The pilot Steve Gale boarded the plane with Australia’s first commercial “parabolic” aircraft, in which the plane flew in the direction of a free-flowing object, creating a short period of weight loss for everyone and everything inside.
Parabolic flights are usually a test of zero-gravity conditions. This was used by the Australian space company Beings Systems, which plans to operate regular commercial airlines in the coming years.
As the Australian space program begins to take off, planes like these will be much needed.
What was on the plane?
The flight test was a small package developed by space science students at RMIT University. As a program manager for the RMIT space science degree program, I have taught these students for the past three years, preparing them for work in the Australian space industry.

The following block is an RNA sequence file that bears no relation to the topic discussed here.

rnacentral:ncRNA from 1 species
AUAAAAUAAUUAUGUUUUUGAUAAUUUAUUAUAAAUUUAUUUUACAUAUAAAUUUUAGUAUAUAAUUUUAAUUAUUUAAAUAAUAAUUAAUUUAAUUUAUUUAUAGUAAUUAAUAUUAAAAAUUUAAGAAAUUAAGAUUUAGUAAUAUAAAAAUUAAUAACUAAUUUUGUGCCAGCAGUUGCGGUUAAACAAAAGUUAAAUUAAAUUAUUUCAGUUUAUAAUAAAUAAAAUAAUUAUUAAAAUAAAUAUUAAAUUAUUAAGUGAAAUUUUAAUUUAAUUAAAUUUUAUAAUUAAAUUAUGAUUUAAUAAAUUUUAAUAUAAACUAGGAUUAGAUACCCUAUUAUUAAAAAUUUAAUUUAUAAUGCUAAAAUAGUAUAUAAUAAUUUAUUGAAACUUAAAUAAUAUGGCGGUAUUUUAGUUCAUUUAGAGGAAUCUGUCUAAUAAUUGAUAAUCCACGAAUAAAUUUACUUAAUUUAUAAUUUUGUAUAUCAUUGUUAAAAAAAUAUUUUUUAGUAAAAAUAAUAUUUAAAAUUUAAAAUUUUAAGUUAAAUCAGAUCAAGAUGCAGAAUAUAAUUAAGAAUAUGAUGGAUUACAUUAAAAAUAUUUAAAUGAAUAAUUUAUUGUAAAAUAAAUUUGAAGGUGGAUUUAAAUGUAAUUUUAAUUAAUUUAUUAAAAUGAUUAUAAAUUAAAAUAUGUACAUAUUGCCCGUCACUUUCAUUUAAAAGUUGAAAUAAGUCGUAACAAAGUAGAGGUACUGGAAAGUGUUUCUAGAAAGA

Examination investigates the effect of zero gravity on plant growth, crystal growth, heat transfer, particle mixing, bubbles, and magnets.
Scientific events behave differently from zero gravity than in terrestrial labs. This is important for two main reasons.
First, the gravitational force of zero, or “microgravity,” provides a “clean” environment in which experiments are performed. By removing gravity from the system, we can learn something from the “pure” state and thus better understand it.
Second, microgravity platforms such as parabolic airplanes, sound rockets, and towers provide equipment for testing equipment and science before being sent into Space.